The first of the treatments featured on the television programme was about the level of Natural Killer Cells and related treatment with intralipid infusions. The fertility regulator (HFEA) states “The theory behind reproductive immunology has been widely discredited, and there is no evidence that immunosuppressive therapies improve your chance of getting pregnant.” We have never offered this treatment here at Concept Fertility and we have no intention of introducing it. However, there is a large amount of content on the internet about the suggested benefit of the treatment and several other clinics and doctors promote it. Some patients believe this information regardless of the statements made by regulatory bodies such as the HFEA quoted earlier in this paragraph. A small number of our patients have chosen to pursue this treatment elsewhere, regardless of our advice.
The second treatment featured was about embryology with time-lapse photography and the clear statement was made that this does not improve live birth rates. Again, we do not offer this treatment here at Concept Fertility. However, the case for or against it is a little more unclear. Its proponents suggest that the reason for it is to improve embryo selection where there is a choice of which embryo to return to the womb, rather than make any suggestion that it improves the embryos themselves. We believe that this argument is strongest for a fairly limited number of patients.
The third treatment featured was Pre-Implantation Genetic Screening. We believe there is a genuine benefit from this but only for a very small subset of patients. As the requirement is so specialised, we do not offer the treatment in our clinic but do have an arrangement with another clinic where our patients can have the treatment. (Patients pay the other clinic directly and we have no financial interest.)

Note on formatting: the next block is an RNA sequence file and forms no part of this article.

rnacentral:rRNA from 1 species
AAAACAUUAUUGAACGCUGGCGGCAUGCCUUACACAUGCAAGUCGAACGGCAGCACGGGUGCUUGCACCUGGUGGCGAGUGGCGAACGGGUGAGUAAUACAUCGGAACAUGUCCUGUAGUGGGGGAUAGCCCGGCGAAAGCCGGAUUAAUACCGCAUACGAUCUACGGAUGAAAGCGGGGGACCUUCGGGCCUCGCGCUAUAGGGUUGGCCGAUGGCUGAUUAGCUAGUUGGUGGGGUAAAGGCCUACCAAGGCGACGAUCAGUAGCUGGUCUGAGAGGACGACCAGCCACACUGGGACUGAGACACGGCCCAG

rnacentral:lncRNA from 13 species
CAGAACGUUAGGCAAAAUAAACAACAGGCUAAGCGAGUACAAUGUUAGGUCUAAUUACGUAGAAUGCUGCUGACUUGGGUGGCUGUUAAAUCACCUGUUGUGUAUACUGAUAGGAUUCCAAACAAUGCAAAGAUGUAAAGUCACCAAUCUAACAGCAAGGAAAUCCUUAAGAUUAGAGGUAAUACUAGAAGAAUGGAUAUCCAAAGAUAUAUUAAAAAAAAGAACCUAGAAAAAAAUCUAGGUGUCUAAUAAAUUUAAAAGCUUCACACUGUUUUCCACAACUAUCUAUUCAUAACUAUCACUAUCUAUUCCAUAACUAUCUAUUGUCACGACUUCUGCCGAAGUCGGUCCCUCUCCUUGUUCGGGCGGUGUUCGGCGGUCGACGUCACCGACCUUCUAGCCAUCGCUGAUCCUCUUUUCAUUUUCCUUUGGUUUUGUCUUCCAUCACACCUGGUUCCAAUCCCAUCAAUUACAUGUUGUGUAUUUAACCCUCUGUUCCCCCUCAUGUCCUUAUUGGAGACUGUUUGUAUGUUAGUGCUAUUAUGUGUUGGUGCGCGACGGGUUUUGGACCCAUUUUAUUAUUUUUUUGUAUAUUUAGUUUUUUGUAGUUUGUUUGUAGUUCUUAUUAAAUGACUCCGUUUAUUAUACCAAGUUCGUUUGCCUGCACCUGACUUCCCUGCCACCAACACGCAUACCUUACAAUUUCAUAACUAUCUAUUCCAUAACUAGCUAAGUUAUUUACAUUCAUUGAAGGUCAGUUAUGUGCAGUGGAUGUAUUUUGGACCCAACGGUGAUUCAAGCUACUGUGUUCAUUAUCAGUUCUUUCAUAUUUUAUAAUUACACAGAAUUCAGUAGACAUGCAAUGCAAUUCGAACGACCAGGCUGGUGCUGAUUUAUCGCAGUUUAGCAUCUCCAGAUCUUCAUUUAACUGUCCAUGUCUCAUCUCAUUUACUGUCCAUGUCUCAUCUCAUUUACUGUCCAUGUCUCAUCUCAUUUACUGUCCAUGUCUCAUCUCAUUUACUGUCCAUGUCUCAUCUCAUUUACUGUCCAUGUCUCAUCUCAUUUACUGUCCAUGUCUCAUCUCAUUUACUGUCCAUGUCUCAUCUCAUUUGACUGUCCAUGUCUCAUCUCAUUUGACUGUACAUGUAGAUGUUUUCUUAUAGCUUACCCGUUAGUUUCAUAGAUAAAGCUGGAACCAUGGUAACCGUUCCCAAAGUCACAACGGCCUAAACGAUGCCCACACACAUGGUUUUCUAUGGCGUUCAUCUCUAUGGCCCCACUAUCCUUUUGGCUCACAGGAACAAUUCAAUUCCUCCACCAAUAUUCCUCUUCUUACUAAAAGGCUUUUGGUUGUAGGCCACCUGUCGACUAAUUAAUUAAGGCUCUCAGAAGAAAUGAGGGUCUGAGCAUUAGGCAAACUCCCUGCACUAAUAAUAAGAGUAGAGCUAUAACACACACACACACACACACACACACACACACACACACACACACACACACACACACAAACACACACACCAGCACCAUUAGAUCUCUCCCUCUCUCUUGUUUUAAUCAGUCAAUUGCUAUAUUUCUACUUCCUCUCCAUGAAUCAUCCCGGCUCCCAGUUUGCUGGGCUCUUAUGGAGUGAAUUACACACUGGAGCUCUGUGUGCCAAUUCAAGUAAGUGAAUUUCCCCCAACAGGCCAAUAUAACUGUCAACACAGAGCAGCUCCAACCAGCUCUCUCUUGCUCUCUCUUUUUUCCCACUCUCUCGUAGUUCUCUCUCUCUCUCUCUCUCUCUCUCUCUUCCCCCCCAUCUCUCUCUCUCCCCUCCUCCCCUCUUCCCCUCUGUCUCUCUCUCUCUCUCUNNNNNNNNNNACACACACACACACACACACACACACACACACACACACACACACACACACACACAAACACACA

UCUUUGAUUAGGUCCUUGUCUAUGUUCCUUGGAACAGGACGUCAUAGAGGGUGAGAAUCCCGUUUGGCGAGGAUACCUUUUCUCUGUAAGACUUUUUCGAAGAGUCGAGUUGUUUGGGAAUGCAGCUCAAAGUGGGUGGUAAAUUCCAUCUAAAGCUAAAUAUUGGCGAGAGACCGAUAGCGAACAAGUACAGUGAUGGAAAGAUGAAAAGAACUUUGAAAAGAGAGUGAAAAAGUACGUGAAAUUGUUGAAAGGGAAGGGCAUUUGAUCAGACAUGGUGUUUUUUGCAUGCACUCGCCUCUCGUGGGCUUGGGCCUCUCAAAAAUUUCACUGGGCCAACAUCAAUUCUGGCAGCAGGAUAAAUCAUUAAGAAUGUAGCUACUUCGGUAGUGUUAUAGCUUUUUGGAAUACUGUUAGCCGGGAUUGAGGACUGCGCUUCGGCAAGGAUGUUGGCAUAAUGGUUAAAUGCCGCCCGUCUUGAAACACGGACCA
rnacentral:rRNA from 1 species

In Conclusion, Are Add-Ons Rip-Offs?
It would be definitely be wrong to say that all add-ons are rip-offs. Evidence for them varies. Many have some value to a specific group of patients. Some have proven clinical benefits and are widely, or universally, adopted. Others lack this good quality, evidence-based, proof of their value. A few are only offered by a limited number of clinics.
What does seem to be the case is that the cost of a cycle of treatment varies quite significantly between clinics and much of this is down to the add-ons. It also seems to be the case, according to statements made by the HFEA, that the underlying live-birth success rates of most clinics are similar (once individual clinic policies on patient and/or treatment selection are factored out).
Here at Concept Fertility our belief is that most add-ons are not necessary in most cases. In medicine any genuine breakthroughs are usually widely published, distributed and adopted. A doctor’s first duty is to do no harm, and that includes to the wallet. On the internet there are hundreds, if not thousands, of “miracle” treatments or add-ons, some of them very believable. Our recommendation to patients is to be realistic about the options open to them and if it seems too good to be true, then it probably isn’t true. As in so many things, trust your own judgement.